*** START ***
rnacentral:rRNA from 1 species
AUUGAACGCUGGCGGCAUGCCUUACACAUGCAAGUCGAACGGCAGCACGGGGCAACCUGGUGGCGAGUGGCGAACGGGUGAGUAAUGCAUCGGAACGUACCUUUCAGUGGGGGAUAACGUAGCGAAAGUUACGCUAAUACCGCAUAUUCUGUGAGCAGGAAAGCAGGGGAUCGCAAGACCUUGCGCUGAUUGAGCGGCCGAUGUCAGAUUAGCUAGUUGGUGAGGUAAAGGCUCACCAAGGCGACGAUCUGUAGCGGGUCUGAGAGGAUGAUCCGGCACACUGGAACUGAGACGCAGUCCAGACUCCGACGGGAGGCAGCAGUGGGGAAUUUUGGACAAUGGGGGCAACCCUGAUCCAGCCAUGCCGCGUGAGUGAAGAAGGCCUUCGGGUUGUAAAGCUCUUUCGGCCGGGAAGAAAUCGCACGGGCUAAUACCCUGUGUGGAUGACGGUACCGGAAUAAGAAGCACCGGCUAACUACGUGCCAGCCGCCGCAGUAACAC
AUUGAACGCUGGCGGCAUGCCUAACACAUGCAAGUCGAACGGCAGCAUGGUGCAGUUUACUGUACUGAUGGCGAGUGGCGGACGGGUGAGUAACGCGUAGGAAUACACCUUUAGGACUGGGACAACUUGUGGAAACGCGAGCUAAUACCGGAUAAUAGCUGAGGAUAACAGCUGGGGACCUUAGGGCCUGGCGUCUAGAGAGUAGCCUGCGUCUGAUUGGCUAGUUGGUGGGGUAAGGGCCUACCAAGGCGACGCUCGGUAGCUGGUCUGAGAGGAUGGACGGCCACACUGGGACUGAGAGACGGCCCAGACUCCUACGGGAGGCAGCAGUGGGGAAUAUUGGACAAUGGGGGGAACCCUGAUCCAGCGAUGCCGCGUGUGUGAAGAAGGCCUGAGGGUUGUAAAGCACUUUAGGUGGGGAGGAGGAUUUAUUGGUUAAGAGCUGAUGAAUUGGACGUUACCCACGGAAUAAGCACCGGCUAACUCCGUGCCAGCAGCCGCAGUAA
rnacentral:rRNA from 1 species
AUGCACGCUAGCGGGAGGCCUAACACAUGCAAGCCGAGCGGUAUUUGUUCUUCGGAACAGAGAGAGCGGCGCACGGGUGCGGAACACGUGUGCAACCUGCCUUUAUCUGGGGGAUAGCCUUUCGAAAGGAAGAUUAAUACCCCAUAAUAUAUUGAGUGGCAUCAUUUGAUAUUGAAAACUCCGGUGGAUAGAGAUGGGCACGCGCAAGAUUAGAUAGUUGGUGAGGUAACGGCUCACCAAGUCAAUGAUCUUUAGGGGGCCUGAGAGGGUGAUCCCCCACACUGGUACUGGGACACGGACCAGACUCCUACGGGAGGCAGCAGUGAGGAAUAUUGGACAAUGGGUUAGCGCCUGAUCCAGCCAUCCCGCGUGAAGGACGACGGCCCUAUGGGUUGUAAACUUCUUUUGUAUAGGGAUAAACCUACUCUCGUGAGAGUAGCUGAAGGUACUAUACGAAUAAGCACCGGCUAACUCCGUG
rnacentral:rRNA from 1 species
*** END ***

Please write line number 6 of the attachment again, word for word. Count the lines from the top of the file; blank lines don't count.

rnacentral:rRNA from 1 species